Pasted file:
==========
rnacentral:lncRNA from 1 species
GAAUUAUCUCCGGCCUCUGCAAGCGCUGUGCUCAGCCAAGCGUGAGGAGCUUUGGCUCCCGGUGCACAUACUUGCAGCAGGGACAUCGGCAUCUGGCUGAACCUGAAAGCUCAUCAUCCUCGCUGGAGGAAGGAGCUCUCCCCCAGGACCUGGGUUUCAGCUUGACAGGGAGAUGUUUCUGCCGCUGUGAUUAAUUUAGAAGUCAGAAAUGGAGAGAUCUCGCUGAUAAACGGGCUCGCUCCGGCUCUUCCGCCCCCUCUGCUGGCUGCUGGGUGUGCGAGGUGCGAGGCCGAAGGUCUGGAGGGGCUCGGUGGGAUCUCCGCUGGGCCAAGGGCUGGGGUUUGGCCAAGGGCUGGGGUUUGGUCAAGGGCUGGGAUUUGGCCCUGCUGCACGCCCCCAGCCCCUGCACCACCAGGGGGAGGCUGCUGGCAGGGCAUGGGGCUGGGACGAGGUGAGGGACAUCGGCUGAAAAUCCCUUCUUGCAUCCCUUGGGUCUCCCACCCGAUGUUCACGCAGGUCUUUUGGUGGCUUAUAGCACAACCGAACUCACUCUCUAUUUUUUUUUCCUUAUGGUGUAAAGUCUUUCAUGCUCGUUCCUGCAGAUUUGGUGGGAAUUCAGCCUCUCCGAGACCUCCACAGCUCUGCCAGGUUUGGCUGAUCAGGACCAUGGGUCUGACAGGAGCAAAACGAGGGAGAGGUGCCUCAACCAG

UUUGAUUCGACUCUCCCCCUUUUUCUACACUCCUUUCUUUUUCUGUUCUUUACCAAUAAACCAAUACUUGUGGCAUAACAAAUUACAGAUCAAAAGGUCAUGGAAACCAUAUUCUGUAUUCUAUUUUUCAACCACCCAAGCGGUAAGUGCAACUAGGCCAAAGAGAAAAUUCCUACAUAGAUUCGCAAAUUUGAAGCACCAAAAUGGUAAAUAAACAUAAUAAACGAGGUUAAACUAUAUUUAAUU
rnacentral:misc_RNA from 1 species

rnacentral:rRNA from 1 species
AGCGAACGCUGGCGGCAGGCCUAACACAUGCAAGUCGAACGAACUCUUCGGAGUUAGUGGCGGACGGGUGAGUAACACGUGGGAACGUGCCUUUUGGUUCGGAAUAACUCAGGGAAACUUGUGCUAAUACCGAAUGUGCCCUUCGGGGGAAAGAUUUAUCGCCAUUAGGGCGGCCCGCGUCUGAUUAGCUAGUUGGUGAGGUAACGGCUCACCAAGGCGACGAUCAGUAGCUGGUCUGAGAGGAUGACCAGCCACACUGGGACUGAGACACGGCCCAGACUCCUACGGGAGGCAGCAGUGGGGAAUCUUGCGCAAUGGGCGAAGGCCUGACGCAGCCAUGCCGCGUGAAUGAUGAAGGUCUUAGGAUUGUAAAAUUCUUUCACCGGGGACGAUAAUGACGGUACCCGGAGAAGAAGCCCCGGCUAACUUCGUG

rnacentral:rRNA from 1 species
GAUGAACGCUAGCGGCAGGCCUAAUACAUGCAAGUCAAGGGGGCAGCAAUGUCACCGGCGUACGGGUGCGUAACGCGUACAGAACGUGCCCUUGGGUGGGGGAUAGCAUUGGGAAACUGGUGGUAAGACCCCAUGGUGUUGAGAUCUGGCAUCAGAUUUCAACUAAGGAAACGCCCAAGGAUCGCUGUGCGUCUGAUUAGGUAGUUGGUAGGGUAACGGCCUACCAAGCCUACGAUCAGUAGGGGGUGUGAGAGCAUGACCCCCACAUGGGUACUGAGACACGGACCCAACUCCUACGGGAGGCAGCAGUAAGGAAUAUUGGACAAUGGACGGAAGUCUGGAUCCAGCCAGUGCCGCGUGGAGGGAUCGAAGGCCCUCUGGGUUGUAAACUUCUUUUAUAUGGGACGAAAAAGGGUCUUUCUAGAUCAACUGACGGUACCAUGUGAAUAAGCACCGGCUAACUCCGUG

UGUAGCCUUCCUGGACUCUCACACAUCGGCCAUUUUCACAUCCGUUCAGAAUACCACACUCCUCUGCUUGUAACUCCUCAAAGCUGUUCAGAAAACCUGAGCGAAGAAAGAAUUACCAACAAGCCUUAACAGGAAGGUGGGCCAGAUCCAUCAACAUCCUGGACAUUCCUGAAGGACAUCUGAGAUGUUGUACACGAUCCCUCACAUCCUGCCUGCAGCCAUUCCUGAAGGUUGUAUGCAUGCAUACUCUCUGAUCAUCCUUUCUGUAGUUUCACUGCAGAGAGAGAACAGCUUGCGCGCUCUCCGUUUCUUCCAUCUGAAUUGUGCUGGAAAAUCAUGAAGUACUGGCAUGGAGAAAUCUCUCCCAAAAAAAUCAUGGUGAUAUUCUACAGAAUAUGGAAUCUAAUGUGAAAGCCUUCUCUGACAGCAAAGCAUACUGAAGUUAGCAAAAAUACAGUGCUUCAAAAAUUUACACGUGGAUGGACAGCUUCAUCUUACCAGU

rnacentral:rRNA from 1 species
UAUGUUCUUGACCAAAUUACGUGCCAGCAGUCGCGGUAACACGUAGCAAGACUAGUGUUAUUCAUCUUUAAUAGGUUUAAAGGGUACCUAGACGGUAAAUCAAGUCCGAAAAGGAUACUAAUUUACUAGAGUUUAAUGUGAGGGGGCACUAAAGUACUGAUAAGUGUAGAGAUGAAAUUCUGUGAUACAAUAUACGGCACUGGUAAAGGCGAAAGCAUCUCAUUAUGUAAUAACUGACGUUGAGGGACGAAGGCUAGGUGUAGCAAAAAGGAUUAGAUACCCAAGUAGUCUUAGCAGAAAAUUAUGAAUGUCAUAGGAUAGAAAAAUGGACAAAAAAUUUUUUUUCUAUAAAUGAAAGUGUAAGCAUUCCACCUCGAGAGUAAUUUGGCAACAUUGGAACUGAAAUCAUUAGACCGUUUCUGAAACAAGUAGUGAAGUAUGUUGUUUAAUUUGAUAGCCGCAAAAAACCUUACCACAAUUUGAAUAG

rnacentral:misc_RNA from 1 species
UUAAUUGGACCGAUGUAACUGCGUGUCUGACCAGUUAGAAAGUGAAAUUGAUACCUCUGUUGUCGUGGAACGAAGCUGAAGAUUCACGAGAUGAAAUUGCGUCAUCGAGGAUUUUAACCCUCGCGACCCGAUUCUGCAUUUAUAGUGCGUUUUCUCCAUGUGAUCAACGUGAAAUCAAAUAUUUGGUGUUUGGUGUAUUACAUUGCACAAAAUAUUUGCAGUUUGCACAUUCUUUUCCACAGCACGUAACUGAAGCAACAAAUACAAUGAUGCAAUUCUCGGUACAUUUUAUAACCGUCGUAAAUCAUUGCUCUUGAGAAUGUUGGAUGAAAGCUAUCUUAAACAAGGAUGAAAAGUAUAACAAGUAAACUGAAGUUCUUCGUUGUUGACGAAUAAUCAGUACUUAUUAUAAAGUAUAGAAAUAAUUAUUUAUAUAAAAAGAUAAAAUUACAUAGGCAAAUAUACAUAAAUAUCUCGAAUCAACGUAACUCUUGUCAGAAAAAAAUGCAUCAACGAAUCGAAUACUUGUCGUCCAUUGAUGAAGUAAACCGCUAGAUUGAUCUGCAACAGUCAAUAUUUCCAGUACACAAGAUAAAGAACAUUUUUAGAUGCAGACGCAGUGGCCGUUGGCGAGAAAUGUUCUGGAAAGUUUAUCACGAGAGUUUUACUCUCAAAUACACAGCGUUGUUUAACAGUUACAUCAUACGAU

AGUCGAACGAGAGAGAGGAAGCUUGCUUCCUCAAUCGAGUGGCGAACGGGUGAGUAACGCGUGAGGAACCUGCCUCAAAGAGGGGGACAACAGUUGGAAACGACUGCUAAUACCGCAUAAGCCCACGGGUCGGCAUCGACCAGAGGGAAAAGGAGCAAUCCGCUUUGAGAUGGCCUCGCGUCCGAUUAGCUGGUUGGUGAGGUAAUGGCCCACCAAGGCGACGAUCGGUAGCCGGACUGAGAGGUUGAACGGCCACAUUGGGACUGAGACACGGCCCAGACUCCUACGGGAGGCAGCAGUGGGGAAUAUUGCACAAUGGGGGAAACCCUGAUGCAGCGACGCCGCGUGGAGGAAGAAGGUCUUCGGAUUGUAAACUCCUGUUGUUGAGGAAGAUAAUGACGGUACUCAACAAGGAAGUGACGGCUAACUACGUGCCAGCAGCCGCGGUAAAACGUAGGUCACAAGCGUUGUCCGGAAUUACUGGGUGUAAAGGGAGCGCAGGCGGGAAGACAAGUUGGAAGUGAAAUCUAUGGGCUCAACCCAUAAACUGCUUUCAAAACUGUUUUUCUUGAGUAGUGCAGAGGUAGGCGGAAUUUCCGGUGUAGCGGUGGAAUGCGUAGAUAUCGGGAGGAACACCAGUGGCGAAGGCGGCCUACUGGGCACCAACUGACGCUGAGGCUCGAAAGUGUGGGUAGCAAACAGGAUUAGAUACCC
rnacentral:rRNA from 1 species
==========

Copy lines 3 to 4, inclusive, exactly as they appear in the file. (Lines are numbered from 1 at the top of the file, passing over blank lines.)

UUUGAUUCGACUCUCCCCCUUUUUCUACACUCCUUUCUUUUUCUGUUCUUUACCAAUAAACCAAUACUUGUGGCAUAACAAAUUACAGAUCAAAAGGUCAUGGAAACCAUAUUCUGUAUUCUAUUUUUCAACCACCCAAGCGGUAAGUGCAACUAGGCCAAAGAGAAAAUUCCUACAUAGAUUCGCAAAUUUGAAGCACCAAAAUGGUAAAUAAACAUAAUAAACGAGGUUAAACUAUAUUUAAUU
rnacentral:misc_RNA from 1 species